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VTech Data Breach: What to Do Now

UPDATED 9:15 a.m. and 4 p.m. EST Tuesday, Dec. 1 with additional information.

Another day, another compromised customer database. This time, an attacker hit a  customer-information database belonging to the Hong Kong-based tech-for-tots company VTech.

Image: VTech/YouTube

Image: VTech/YouTube

Information pertaining to both parents and their children — including parents' full names, email addresses and physical addresses, and children's first names and dates of birth — was apparently poached, although VTech has not attributed this theft to any specific person or persons.

Australian security researcher Troy Hunt found that the VTech database contained 4.8 million unique customer accounts and 227,622 child account records, both related to VTech's Learning Lodge app store.

MORE: 7 Easy Ways to Get Your Identity Stolen

More significantly, Hunt explained that most of the user passwords were encrypted with the very weak MD5 algorithm, without "salts" that would make them harder to crack. Many free software programs can crack unsalted MD5 passwords, and you can even try it yourself here. Hunt said the database also held answers to password-change security questions, which were stored without any encryption at all.

Children's last names and addresses were not part of the stolen data, but each child was linked to a parent's account. If a child shares a surname and physical address with a parent, the child is at heightened risk of identity theft, as a full name, date of birth and mailing address are often sufficient to open a fraudulent account.

According to VTech, the attack happened Nov. 14, but that the company only discovered the attack when "a Canadian journalist" — presumably Lorenzo Franceschi-Biccherai, a Italian journalist working in New York for the (formerly Canadian) VICE Motherboard tech-news website, and who broke the story — inquired about the breach Nov. 23.

Franceschi-Biccherai reported that VTech was hit by a simple SQL-injection attack,  a common method of breaching online databases that even the teenager next door could probably pull off. VTech said it informed customers about the attack Nov. 27, but claimed user credit-card information was safe, as purchases are made through a secure off-site, third-party partner.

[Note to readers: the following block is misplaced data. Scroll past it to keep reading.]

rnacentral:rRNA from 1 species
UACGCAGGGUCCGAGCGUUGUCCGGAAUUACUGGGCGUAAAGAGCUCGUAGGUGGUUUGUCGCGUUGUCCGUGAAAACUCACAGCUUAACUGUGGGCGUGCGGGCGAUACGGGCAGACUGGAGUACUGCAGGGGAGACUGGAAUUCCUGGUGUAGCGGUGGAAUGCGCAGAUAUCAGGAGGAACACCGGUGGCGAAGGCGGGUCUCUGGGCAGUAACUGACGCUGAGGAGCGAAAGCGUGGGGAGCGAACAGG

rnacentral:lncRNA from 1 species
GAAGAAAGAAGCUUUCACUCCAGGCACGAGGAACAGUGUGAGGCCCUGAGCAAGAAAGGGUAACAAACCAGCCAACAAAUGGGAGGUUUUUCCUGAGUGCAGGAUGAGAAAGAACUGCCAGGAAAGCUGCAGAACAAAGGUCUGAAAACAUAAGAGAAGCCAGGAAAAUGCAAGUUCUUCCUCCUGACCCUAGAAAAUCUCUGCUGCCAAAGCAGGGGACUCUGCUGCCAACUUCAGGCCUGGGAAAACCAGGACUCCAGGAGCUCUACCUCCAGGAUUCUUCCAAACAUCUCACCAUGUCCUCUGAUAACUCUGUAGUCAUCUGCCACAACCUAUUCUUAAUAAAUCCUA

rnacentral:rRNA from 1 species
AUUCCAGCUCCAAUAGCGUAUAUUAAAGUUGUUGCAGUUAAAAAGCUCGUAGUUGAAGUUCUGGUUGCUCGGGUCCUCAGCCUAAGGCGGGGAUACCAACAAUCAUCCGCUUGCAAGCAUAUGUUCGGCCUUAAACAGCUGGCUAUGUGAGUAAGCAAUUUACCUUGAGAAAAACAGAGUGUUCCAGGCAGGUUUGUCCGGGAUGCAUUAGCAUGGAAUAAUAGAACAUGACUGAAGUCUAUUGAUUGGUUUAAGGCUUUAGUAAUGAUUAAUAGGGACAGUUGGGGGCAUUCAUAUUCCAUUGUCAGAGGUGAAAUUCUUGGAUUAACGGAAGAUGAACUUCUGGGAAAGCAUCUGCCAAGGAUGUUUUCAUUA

What to do

If you are a parent with a Learning Lodge account, you should check Hunt's Have I Been Pwned? website, which compiles information from data breaches and now includes customer accounts stolen from VTech.

If you have a Learning Lodge account at all, you should change your password immediately, and also change the password on any other online account for which you used the same password. While we do not recommend users ever reuse passwords across different accounts, this is a great time for VTech users to make sure their Learning Lodge account passwords aren't the same as those they use to log into their other online accounts. 

Additionally, since the answers to security questions were also stolen, VTech users should no longer use those answers for security questions again. Instead, we suggest you use incorrect answers to questions like “Who was your favorite teacher?” and keep track of these answers in a password manager or notebook.

The only possible good news here is that the purported hacker told Franceschi-Biccherai that he or she had no intention of selling or distributing the stolen information. But we've got only the hacker's word for that.

UPDATE 9:15 a.m. Tuesday: The unnamed hacker who stole the VTech data told VICE Motherboard in a story posted Monday (Nov. 30) that the data also contained "thousands of pictures of parents and kids and a year's worth of chat logs," and some audio files. The new files were related to Kid Connect, a VTech mobile app for iOS and Android that lets parents communicate with kids who are using VTech devices.

The hacker told Motherboard that he downloaded 190GB of images, mostly headshots of parents and children. He shared nearly 4,000 of the images with Motherboard.

"Frankly, it makes me sick that I was able to get all this stuff," the hacker told Motherboard's Lorenzo Franceschi-Biccherai. "VTech should have the book thrown at them."

UPDATE 4 p.m. EST Tuesday: VTech has updated its FAQ on the data breach with the news that profiles of 6.4 million children, including first (but not last) names, birthdates and genders, were compromised. The children's profiles were linked to the 4.8 million parent accounts.

About 2.2 million parent accounts and 2.9 million child profiles were from the United States; 238,000 accounts and 316,000 child profiles belonged to Canadian users.  Other countries with large numbers of compromised accounts and profiles were France, the United Kingdom and Germany.

VTech has assigned dedicated email addresses in different countries to which concerned customers can direct queries. American customers can email vtechkids@vtechkids.com; Canadian customers should contact toys@vtechcanada.com.

The company would not confirm that images of and chats between parents and children had been compromised, as reported earlier, but noted that the images and audio files were "encrypted by AES128," referring to a common encryption algorithm. Motherboard's report did not mention any difficulty in viewing the images or listening to audio files.

"Regretfully, our database was not as secure as it should have been," the updated company FAQ now states.